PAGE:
The air around Santa Barbara is a little clearer thanks to a nearly complete three-year audit of Venoco’s aging oil facilities.
Santa Barbara County’s Energy Division and the Systems Safety and Reliability Review Commission have successfully conducted an audit of Venoco Energy Company’s Ellwood Onshore Facility, Ellwood Marine Terminal and Platform Holly. The audit began in 1999 in response to a large release of hydrogen sulfide gas in 1998. Venoco has already met 99 percent of the 1,000 requirements identified by the county and state land divisions. Venoco is scheduled to meet the remaining requirements by the end of 2002.
The results of audit have required Venoco to inspect and replace much of the piping, upgrade the fire suppression system, upgrade mechanical facilities on Platform Holly and have more comprehensive and correct staff training. Venoco is responsible for all upgrades and their costs.
3rd District Supervisor Gail Marshall put out a press release earlier this week saying she worked with the county’s energy division to ensure the audit was conducted quickly and efficiently.
“This comprehensive safety audit was ordered in direct response to the deadly hydrogen sulfide gas release that resulted in the shutdown of both Platform Holly and the onshore facility by the county and the State Lands Commission,” Marshall said in a press release on Tuesday. “Shutting Venoco down last year and performing these audits, along with the necessary follow-up actions, has significantly improved the safety of Venoco’s operations.”
Marshall’s staff assistant Mark Chaconas said annual safety audits are required as part of each facility’s Safety, Inspection, Maintenance and Quality Assurance Program. However, the hydrogen sulfide release of 1998 caused serious concern in both the county and state.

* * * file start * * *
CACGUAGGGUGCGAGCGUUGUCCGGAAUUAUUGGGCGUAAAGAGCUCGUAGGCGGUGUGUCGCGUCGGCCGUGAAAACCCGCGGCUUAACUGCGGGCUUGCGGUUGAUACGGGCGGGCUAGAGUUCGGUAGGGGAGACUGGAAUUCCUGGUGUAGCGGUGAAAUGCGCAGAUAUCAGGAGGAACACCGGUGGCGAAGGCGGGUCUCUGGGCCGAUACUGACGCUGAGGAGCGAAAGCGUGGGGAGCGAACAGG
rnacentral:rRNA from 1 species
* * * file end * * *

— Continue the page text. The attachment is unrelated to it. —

“With Venoco, they had this breakdown in the system which required us to look at the operations and systems,” Chaconas said. “We had to see what needed to be added to make the facility more modern.”
Production at Venoco’s facilities began in 1966. The hydrogen sulfide release of 1998 was largely caused by faults in the aging pipelines.
Michelle Pasini from the county’s energy division said the annual safety audits usually consist of 20 requirements, including facility operator training, the proper sealing and maintenance of all secondary containment areas and the proper storage and disposal of hazardous wastes. In April of 1999, Venoco received an abatement order to undergo the comprehensive 1,000-item audit. Venoco agreed in order to avoid being deemed a “public nuisance.”
According to the Status Report article issued by the SSRRC, the last item Venoco needs to complete before finishing the audit is an evaluation of the pressure relief system. The article also said, “All parties agree that the safety audit and follow-up action have significantly enhanced the safety of Venoco’s operations.”
Chaconas said the audit was necessarily rigorous.
“We really put them through the wringer because public safety was at risk,” Chaconas said. “Unfortunately we weren’t able to shut them down entirely.”
A representative from Venoco was not available for comment as of late Thursday evening.